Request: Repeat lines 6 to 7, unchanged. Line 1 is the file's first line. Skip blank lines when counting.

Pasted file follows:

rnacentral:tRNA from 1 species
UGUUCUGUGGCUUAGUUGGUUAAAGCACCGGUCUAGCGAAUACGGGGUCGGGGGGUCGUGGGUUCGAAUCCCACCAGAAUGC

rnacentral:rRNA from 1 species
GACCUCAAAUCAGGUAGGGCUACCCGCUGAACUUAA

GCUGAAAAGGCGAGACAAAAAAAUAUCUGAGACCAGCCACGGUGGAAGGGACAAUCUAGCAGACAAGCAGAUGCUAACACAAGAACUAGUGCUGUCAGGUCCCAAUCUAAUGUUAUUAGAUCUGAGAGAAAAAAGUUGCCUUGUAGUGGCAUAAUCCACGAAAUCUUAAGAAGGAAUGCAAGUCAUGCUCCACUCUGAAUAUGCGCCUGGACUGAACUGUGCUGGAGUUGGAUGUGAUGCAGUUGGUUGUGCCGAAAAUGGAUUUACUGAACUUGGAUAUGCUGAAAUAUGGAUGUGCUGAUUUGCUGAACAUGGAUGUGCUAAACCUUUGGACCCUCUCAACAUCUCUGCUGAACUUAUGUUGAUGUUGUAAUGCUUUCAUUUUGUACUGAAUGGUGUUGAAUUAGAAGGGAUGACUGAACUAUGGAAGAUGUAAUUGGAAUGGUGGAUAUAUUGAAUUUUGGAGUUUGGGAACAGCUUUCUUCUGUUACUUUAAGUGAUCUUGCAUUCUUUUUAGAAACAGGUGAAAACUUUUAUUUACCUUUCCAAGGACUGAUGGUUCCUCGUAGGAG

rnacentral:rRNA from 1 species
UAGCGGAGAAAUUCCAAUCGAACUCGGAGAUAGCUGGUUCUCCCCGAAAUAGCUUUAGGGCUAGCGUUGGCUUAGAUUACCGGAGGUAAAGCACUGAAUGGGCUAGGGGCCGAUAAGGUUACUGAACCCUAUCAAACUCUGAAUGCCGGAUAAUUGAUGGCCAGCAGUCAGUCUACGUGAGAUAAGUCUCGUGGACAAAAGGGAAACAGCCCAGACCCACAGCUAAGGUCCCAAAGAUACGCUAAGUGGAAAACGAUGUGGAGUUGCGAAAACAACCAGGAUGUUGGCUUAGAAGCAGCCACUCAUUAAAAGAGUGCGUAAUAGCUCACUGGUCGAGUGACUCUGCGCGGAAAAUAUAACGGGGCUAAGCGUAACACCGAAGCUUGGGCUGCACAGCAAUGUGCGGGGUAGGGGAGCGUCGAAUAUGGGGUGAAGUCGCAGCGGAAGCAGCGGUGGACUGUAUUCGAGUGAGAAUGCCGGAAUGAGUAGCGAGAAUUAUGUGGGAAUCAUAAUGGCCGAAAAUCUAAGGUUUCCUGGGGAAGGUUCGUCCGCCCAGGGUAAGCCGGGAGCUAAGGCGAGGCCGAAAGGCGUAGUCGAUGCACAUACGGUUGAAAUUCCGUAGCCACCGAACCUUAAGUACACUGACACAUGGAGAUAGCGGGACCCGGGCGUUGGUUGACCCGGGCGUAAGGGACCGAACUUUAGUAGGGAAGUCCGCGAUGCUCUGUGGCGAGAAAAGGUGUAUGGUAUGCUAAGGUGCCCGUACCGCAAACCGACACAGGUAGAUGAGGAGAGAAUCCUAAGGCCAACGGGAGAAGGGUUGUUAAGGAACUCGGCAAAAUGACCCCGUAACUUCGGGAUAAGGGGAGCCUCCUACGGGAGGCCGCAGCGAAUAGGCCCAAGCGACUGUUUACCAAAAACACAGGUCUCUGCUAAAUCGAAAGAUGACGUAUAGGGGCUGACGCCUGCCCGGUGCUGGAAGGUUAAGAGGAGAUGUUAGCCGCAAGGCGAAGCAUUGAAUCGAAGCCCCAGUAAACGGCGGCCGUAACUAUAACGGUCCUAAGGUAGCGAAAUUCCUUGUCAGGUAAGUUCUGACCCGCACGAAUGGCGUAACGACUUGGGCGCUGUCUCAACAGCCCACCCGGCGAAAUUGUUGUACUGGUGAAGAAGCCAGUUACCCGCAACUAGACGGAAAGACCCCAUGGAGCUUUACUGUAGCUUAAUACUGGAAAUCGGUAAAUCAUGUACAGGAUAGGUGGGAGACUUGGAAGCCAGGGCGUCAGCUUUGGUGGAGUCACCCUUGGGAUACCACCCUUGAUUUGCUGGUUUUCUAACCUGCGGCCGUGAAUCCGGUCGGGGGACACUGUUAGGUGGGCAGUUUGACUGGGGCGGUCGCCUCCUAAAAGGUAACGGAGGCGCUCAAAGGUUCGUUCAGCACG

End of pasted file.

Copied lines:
rnacentral:rRNA from 1 species
UAGCGGAGAAAUUCCAAUCGAACUCGGAGAUAGCUGGUUCUCCCCGAAAUAGCUUUAGGGCUAGCGUUGGCUUAGAUUACCGGAGGUAAAGCACUGAAUGGGCUAGGGGCCGAUAAGGUUACUGAACCCUAUCAAACUCUGAAUGCCGGAUAAUUGAUGGCCAGCAGUCAGUCUACGUGAGAUAAGUCUCGUGGACAAAAGGGAAACAGCCCAGACCCACAGCUAAGGUCCCAAAGAUACGCUAAGUGGAAAACGAUGUGGAGUUGCGAAAACAACCAGGAUGUUGGCUUAGAAGCAGCCACUCAUUAAAAGAGUGCGUAAUAGCUCACUGGUCGAGUGACUCUGCGCGGAAAAUAUAACGGGGCUAAGCGUAACACCGAAGCUUGGGCUGCACAGCAAUGUGCGGGGUAGGGGAGCGUCGAAUAUGGGGUGAAGUCGCAGCGGAAGCAGCGGUGGACUGUAUUCGAGUGAGAAUGCCGGAAUGAGUAGCGAGAAUUAUGUGGGAAUCAUAAUGGCCGAAAAUCUAAGGUUUCCUGGGGAAGGUUCGUCCGCCCAGGGUAAGCCGGGAGCUAAGGCGAGGCCGAAAGGCGUAGUCGAUGCACAUACGGUUGAAAUUCCGUAGCCACCGAACCUUAAGUACACUGACACAUGGAGAUAGCGGGACCCGGGCGUUGGUUGACCCGGGCGUAAGGGACCGAACUUUAGUAGGGAAGUCCGCGAUGCUCUGUGGCGAGAAAAGGUGUAUGGUAUGCUAAGGUGCCCGUACCGCAAACCGACACAGGUAGAUGAGGAGAGAAUCCUAAGGCCAACGGGAGAAGGGUUGUUAAGGAACUCGGCAAAAUGACCCCGUAACUUCGGGAUAAGGGGAGCCUCCUACGGGAGGCCGCAGCGAAUAGGCCCAAGCGACUGUUUACCAAAAACACAGGUCUCUGCUAAAUCGAAAGAUGACGUAUAGGGGCUGACGCCUGCCCGGUGCUGGAAGGUUAAGAGGAGAUGUUAGCCGCAAGGCGAAGCAUUGAAUCGAAGCCCCAGUAAACGGCGGCCGUAACUAUAACGGUCCUAAGGUAGCGAAAUUCCUUGUCAGGUAAGUUCUGACCCGCACGAAUGGCGUAACGACUUGGGCGCUGUCUCAACAGCCCACCCGGCGAAAUUGUUGUACUGGUGAAGAAGCCAGUUACCCGCAACUAGACGGAAAGACCCCAUGGAGCUUUACUGUAGCUUAAUACUGGAAAUCGGUAAAUCAUGUACAGGAUAGGUGGGAGACUUGGAAGCCAGGGCGUCAGCUUUGGUGGAGUCACCCUUGGGAUACCACCCUUGAUUUGCUGGUUUUCUAACCUGCGGCCGUGAAUCCGGUCGGGGGACACUGUUAGGUGGGCAGUUUGACUGGGGCGGUCGCCUCCUAAAAGGUAACGGAGGCGCUCAAAGGUUCGUUCAGCACG